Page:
Monday, 24 April 2017

Gear Talk: Knitting Needles

When it comes to interchangeable knitting needles, this is what I like:

  • Very sharp tips 
  • Short tips 
  • Flexible cables 
  • Smooth joins 
  • Very small sizes 
  • Stainless steel 
That combination means Chiaogoo to me, with Twist cables. 

I have used Addis, but I don't like the cable, and I find that fine yarns (which is almost exclusively what I work with) catch on the joins. That's annoying, and increases wear and tear on the yarn. I've never used the interchangeables, because they stop at 3.5mm and most of the needles I use are smaller than that. I actually have a whole bunch that I will be de-stashing soon. 

I just cannot get Hiya Hiya interchangeables to stay tight, so I'd never use them for lace, and that's pretty much everything I hand knit. I have 2 sizes and 2 cables, and rely on the husbear to tighten them up, but it's still not enough. I'm also not a fan of the swivel cable because I'm not sure what it's supposed to do for me. Once I finish my Apex cardigan, I'll be de-stashing these too. 

I am of the opinion that Knit Picks has poor quality control and makes cheap, but not decent, products. I started with these, and returned so many cables because they were so badly finished, you could see 'spurs' of plastic on the cables. The joins are not very good either. I do understand that many people start with them because they're cheap, but I would recommend spending more if you can. 

Pony and Aero are actually worse than Knit Picks. Since taking up knitting again as an adult, I am pretty sure that if those three were my only options for needles, I would have quit. Pony do actually make pretty decent tapestry needles though. 

Tulip are marginally better than Pony or Aero, especially if you would like bamboo needles. 

I'm going to briefly cover the things you want to think about when it comes to buying circular knitting needles. I haven't used straight needles as an adult, and don't intend to.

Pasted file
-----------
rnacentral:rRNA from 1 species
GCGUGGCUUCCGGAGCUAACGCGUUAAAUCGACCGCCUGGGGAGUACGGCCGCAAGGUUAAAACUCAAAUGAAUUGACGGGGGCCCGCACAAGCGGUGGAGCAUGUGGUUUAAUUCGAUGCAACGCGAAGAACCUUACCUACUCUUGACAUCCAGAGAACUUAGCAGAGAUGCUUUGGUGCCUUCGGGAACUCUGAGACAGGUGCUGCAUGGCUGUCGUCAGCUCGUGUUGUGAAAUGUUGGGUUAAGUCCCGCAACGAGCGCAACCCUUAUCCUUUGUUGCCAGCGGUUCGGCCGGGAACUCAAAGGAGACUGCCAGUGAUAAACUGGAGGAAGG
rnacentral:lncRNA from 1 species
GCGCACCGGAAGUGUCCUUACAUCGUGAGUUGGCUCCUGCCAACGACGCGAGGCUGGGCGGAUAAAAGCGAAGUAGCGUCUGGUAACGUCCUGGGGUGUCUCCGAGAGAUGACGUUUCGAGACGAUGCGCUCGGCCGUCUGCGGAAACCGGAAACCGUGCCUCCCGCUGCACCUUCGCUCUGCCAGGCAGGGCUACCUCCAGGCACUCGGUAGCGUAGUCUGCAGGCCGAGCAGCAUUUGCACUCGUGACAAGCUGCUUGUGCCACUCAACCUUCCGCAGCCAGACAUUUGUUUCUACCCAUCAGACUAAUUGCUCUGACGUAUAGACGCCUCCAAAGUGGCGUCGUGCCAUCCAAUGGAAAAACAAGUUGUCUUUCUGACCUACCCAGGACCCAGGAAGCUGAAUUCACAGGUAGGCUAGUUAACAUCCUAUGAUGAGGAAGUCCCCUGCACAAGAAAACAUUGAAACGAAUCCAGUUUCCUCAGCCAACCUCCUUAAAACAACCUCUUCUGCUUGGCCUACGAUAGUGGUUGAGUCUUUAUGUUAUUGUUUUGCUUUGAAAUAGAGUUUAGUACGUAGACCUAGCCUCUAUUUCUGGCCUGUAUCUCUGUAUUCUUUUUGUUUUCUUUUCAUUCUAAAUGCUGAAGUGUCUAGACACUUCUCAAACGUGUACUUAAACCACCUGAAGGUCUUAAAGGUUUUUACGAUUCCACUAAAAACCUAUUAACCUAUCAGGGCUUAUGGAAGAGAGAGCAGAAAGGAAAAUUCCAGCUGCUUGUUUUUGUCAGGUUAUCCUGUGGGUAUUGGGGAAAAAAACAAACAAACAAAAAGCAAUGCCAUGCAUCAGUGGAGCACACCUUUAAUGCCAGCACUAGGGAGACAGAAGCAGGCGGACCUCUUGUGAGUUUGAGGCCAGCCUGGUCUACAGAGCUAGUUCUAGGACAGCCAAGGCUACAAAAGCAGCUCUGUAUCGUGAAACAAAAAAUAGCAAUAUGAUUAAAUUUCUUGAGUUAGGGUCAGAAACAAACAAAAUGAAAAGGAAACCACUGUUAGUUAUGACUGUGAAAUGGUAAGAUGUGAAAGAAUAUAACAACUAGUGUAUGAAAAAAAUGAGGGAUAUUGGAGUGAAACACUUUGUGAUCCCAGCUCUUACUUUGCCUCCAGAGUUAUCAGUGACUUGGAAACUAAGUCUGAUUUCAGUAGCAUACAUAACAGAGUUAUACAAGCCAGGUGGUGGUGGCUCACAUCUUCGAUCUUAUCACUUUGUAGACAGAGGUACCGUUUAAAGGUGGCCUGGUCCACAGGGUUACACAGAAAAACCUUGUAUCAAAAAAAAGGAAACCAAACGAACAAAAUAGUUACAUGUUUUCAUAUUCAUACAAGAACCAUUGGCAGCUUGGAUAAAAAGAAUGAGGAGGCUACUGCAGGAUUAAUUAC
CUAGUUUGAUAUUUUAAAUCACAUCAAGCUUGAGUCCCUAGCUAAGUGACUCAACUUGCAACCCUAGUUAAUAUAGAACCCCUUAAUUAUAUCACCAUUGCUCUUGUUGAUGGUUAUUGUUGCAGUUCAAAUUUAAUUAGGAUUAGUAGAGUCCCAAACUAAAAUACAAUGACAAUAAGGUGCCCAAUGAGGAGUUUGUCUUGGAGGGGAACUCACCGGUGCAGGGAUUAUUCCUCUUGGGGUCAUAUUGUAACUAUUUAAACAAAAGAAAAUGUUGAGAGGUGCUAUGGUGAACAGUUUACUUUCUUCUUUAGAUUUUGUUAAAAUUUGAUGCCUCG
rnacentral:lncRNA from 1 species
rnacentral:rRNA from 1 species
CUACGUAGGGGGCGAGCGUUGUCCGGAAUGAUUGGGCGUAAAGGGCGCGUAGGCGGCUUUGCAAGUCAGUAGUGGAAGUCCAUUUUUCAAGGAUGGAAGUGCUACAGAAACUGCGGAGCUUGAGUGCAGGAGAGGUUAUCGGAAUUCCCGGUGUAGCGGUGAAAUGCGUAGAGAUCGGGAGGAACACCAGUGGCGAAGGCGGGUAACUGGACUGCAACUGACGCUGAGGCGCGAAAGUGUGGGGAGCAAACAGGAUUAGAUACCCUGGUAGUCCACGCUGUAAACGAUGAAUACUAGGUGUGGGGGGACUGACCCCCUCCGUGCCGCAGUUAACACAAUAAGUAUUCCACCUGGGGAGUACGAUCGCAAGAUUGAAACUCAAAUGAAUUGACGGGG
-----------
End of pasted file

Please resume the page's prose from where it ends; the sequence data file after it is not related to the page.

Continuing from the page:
Material: Wood, Bamboo, Stainless Steel, Plastic, Carbon Fibre

Material determines the stiffness and tensile strength of the needles. Knitting needles are actually better with a bit of give to them, and shouldn't be too stiff. It also factors into how smooth they are. 

Wood and bamboo are both light, and they warm up with use. But, they break easily. I broke at least 3 wooden needles before I switched. They are also more grippy, which is good if you're prone to dropping stitches or knit with slippery yarn. The Kinki Amibari bamboo are actually rather nice, just too grippy for me to knit with any speed. 

My preference for stainless steel is because it's possible to achieve a very pointy end, be polished to be super smooth and not break easily, even if they're hollow. 

I've never used carbon fibre, and think you should probably toss the plastic ones altogether. 

Double Pointed Needles: 

I use these for small circumference knitting in the round. I find that it's faster and less hassle than circulars, even though I'm perfectly comfortable in magic loop. 


Circular Needles: 

I primarily use circulars because I tend to knit very large pieces and also like to knit in the round. I find that circular allow you to rest the bulk of the weight of a piece on your lap, which strains my hands less. 

Interchangeables vs Fixed: 

I used to think I would need to do a lot of linelines, but the truth is I almost never do. So I'd suggest going for fixed needles instead because the joins are often smoother. 

Cables 

Generally speaking, you want a soft, flexible cable. Some of them have swivel joins, meaning that they rotate in the join, but I am not actually sure why that's any good. 

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